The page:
Welington Castillo hoping to catch on as backup
BY GORDON WITTENMYER firstname.lastname@example.org February 29, 2012 8:40PM
Welington Castillo had an impressive spring last year, but there wasn’t a roster spot available. This season, the backup spot behind Geovany Soto is open. | Jose M. Osorio~AP
Updated: April 2, 2012 9:52AM
MESA, Ariz. — Welington Castillo is out to prove that timing isn’t necessarily everything.
The Cubs’ top catching prospect went 12-for-19 (.632) last spring with four walks, some power and several gasp-inducing throws from behind the plate. It was the kind of spring that almost would assure a big-league job, but there were no openings at the position.
‘‘I don’t want to say I’m trying to do like I did last year. I just want to play and see what happens,” said Castillo, one of three strong candidates to replace departed backup Koyie Hill. ‘‘We have a tough competition, but you’ve just got to do your best to show you can be that guy.’’
Also in the mix are Pittsburgh Pirates import Jason Jaramillo and Cubs prospect Steve Clevenger, who went 4-for-5 with a double and a walk during a shorter stretch in big-league camp last spring.
‘‘It’s pretty impressive to have this many catchers in camp that can really swing the bat and swing the bat from the left side or switch-hit,’’ manager Dale Sveum said. ‘‘And they all receive well. They’re all doing a great job.’’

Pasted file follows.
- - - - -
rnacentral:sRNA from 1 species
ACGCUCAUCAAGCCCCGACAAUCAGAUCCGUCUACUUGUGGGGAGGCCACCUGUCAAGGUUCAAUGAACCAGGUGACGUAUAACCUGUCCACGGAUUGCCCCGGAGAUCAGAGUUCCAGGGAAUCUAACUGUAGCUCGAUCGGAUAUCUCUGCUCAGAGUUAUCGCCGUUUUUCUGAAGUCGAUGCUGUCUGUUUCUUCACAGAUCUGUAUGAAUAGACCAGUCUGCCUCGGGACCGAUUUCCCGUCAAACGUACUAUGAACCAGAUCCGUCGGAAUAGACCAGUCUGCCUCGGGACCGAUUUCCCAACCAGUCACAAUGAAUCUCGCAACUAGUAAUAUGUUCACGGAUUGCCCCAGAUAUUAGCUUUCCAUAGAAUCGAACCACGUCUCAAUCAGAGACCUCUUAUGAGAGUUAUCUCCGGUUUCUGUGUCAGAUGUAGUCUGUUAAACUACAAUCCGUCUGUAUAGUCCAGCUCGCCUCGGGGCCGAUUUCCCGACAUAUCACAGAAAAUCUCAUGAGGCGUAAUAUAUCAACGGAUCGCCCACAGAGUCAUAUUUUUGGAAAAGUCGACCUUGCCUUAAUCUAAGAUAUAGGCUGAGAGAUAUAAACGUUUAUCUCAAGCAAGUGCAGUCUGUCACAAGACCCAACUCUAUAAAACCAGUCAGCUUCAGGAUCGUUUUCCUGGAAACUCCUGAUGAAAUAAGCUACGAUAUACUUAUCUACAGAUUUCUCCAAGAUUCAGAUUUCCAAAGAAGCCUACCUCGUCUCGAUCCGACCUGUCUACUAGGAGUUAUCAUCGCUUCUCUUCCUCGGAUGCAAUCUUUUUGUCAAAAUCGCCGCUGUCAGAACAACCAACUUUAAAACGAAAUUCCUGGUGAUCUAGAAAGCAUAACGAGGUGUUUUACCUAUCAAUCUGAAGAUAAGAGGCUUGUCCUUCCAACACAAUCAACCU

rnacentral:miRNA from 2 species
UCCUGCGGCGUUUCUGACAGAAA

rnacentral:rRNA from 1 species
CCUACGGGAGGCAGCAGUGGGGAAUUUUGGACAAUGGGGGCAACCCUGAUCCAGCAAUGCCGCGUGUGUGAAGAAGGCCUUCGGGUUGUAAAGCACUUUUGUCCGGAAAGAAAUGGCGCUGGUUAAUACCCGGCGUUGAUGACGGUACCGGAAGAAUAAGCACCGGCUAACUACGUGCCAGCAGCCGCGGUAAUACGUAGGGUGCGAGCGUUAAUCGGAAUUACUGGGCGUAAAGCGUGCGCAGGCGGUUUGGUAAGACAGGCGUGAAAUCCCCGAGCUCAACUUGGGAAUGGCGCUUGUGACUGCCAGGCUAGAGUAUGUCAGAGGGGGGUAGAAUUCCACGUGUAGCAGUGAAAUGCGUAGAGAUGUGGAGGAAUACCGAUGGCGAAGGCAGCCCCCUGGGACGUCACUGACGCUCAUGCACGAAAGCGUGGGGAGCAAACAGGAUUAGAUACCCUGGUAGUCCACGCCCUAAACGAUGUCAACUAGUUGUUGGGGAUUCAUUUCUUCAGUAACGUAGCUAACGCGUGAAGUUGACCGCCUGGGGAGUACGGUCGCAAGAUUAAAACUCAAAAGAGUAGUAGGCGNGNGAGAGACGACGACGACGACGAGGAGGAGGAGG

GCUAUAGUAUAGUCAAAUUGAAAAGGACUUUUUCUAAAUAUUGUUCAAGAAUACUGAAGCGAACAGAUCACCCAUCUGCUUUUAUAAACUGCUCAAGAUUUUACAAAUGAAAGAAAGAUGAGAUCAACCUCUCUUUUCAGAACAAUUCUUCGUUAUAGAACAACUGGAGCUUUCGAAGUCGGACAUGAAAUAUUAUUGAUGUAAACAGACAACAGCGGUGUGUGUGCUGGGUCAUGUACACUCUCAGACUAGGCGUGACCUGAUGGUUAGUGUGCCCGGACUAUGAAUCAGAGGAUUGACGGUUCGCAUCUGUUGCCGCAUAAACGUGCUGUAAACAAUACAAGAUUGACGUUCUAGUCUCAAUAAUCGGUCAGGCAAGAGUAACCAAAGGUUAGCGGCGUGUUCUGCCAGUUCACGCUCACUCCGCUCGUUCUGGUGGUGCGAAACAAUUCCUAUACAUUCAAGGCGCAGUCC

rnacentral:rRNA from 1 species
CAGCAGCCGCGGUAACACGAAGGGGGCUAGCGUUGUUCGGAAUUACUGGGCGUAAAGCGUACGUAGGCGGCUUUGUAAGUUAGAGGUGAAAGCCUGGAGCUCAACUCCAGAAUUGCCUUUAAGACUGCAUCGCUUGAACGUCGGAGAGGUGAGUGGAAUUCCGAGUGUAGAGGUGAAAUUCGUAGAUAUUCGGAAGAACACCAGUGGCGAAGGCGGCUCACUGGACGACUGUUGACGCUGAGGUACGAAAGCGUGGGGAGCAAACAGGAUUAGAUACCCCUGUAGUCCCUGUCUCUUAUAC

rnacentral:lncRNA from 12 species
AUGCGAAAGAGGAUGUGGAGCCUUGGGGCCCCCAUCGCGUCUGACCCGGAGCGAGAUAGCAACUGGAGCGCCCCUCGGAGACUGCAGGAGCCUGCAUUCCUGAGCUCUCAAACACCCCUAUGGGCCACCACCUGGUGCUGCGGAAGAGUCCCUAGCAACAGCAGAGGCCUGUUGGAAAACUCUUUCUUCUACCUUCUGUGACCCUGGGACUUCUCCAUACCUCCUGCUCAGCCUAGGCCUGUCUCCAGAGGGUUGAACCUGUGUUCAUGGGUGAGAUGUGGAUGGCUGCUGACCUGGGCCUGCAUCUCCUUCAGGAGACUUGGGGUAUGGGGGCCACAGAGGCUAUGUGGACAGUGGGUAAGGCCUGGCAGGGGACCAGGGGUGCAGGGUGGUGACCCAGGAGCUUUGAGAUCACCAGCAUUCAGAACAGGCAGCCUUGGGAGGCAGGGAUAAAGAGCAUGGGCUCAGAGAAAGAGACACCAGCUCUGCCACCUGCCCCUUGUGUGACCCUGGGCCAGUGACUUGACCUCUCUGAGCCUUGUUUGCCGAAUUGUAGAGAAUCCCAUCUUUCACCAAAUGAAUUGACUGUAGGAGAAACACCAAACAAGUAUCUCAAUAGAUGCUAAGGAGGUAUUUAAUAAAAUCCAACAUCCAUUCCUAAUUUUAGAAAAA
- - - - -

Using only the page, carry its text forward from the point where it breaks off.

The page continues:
Clevenger bats left, Welington right and Jaramillo switch-hits.
Sveum would prefer to have a backup who can offset the right-handed bat of starter Geovany Soto.
‘‘It matters, but it’s not the final piece of the puzzle by any means,’’ he said. ‘‘The guy that’s going to work and be able to handle pitchers is the biggest thing when it comes down to it.’’
If there’s an advantage to Soto likely being sidelined for at least the first few exhibition games with a groin injury, it’s the extended looks for the backups.
Castillo, who has played in 11 big-league games the last two seasons, said he’s ready, especially after dropping more than 15 pounds this winter.
He’s down to 205, hoping to ease the stress on his legs after two right hamstring injuries late last summer cost him a September call-up. Clevenger was promoted instead.
‘‘Let’s play baseball and see what happens,’’ Castillo said.
The Cubs have had a team psychologist since the Ricketts family took ownership before the 2010 season. Sveum seems to be on board with the idea.
He said he remembers when he was playing for the Milwaukee Brewers and they brought in a psychologist during a rough start in 1987.
‘‘When we saw him, we were two games under .500, and after we saw him for a couple hours, we finished the season winning 91 games,’’ Sveum said. ‘‘So we were about 20 games over .500. I think it helped us a lot.’’
Leave it to the Cubs. They had three consecutive winning seasons before hiring Dr. Marc Strickland. Since then, they’re 32 games under .500.
Half of the Sweet 16 field for the Cubs’ bunt tournament is set after four more advanced: Casey Coleman, Chris Rusin, Clevenger and Castillo. Highlights included the first 100-point bull’s-eye score, by Brett Jackson in a desperation comeback attempt against Castillo.
◆ Pitchers for the intrasquad game Friday: Randy Wells, Coleman, Travis Wood and Andy Sonnanstine. For the game Saturday: Jay Jackson, Trey McNutt, Rusin and Alberto Cabrera.